Women in Legal Technology: Catherine Bamford
The Legal Technology Resource Center’s Women of Legal Tech initiative aims to promote diversity and celebrate women in legal technology. This initiative started in 2015 with a list of innovators and leaders in legal technology. With this year’s additions, this list now includes 132 talented and influential women leaders. Every Monday and Wednesday we introduced a woman from our class from 2021. Today we have Catherine Bamford!
Catherine Bamford is CEO and founder of BamLegal. Find her on Twitter @BamLegal.
What are three points that describe you?
How is teleworking / quarantine going for you?
Goes great! I’ve been freelancing for seven years now and the BamLegal team is all flexible and remote. We once had a team member from Bali and my current management assistant, Tara, lives in Saudi Arabia! We use Notion and other tools to collaborate and communicate so this wasn’t a problem. However, we personally miss team chases!
How did you get into legal engineering?
I worked as a busy junior attorney in the commercial real estate division of Pinsent Masons. I’ve spent my days manually creating a lot of rental contracts, licenses, and rental deposits. The company invested in Legal Document Automation software and I was selected to learn how to automate documents. My inner geek loved it, and the rest is history!
What projects have you been focusing on lately?
We’re working on a lot of things right now, but an exciting new thing is BamLegal Academy, which is designed to help the next generation entering the legal profession gain an understanding of legal technology and how it can help lawyers provide legal services. We want this to be free for law students.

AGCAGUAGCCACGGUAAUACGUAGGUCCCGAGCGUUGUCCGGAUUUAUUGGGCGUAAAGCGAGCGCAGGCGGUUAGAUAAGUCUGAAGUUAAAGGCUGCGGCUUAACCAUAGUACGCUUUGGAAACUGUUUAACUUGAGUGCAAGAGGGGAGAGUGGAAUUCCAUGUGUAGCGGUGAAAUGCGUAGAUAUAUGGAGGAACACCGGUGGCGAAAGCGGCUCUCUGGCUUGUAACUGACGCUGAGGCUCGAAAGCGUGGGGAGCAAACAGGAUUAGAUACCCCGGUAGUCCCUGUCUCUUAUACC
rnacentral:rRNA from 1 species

Is there a legal technical resource that really helped you when you started out in the field?
Back then, very few resources were available to learn about legal technology, legal innovation, and knowledge management. The books by Richard Susskind and Mitch Kowalski were a godsend, and the Re-Invent Law channel with videos of lectures – for example by Alex Hamilton – was inspiring.
What do you see as the most important emerging technology right now, legal or not?
There are now many tools and technology that can be helpful at all stages of a legal transaction, but so far there hasn’t been much to improve on that big part in the middle: the negotiation. Finally, I see some good solutions and I look forward to the days when the negotiation from email and word redlines and comments ends up on a nice platform that makes the whole process a lot easier for everyone.
What advice would you give other women interested in studying legal technology?
You should realize that being a woman makes you more memorable as you are often one of just a handful of women at legal technology conferences and events. With a personal brand and as a woman, you’re much easier to remember than 1,000 men named David.
To be a woman in this market is a strength. Often times, my thinking and the way I addressed problems were different from others and this was an asset. I brought new ideas to the table and disrupted the “echo chamber”.
Greet another legal engineering woman who you admire or have learned from!
Nicole Bradick, Founder and CEO of Theory and Principle, is my absolute idol. I want to be like you when I grow up! * Their drive, enthusiasm, passion and energy are contagious and some of the work of theory and principle – especially in the area of access to justice – are the best in the business. Really inspiring.
* Nicole and I are actually the same age 🙂